- Some spouses may receive short-term alimony (up to 24 months), to help ease the transition from married life to single life. Short-term alimony is also known as bridge-the-gap alimony.
- Temporary alimony is often awarded for the period of time between when the Petition for Dissolution is filed, and a Final Judgment is issued.
- Some spouses may be entitled to lump-sum alimony as a method of equalizing asset distribution.
Same-Sex Marriage and Divorce in New Port Richey
Same-sex divorce in the state of Florida can be fraught with complexities, even though same-sex marriage is now allowed in all states in the nation. It is imperative that you have an experienced divorce attorney by your side from start to finish if you are filing for a same-sex divorce. Whether your issues are about child custody, asset division, spousal support or child support, judges in the state have no clear guidelines for same-sex divorce, therefore you definitely need an advocate during this time.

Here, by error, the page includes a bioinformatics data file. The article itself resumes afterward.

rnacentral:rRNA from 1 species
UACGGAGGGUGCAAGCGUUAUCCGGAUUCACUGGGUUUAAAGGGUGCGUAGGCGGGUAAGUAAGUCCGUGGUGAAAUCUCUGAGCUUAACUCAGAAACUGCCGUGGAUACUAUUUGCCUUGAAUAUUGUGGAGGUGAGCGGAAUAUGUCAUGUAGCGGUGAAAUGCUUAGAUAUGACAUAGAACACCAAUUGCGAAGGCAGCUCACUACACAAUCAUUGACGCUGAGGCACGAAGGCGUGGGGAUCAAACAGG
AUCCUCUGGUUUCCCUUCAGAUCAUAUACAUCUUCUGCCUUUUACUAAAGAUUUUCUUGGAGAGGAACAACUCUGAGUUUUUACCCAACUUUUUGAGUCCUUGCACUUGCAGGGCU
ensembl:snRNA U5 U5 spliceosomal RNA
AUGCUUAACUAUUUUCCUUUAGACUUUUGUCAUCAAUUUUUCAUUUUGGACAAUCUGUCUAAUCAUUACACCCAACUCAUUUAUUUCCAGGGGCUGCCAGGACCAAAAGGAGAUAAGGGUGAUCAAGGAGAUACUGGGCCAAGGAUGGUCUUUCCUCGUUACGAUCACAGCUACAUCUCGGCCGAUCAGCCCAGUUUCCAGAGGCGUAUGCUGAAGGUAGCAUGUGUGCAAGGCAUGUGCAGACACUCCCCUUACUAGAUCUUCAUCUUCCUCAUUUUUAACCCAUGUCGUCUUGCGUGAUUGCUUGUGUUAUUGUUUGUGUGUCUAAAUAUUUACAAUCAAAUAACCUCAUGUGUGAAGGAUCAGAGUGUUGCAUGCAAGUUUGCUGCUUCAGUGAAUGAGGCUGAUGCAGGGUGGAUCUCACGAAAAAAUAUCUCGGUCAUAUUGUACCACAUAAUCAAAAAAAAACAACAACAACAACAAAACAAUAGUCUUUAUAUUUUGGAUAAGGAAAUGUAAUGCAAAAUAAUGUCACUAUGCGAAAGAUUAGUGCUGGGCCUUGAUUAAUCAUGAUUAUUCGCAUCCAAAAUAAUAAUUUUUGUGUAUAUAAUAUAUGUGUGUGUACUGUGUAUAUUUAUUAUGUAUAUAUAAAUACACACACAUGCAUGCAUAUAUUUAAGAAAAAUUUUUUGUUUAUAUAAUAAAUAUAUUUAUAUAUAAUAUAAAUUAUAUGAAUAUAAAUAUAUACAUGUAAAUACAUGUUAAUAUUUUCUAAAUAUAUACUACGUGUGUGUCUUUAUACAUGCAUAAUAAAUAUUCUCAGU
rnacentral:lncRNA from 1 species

Child Custody in Florida
Although the state now prefers the term “parental responsibility,” instead of custody, the state will still make decisions based on the best interests of the children. One or both parents may share legal custody, which includes making decisions regarding religious, educational, medical and disciplinary issues. The children may primarily reside with one parent, while the other parent will have liberal visitation. Some parents will share physical custody, meaning the children split their time between two homes, although this rarely works well unless the parents live in close proximity to one another. A Parenting Plan will lay out the details of the custody arrangement, including where the children will spend holidays, and even pickup and drop-off locations and procedures. Sometimes a modification of an existing custody agreement is necessary, and a judge will determine whether the changes in one parent’s situation warrants revisiting the original parenting plan.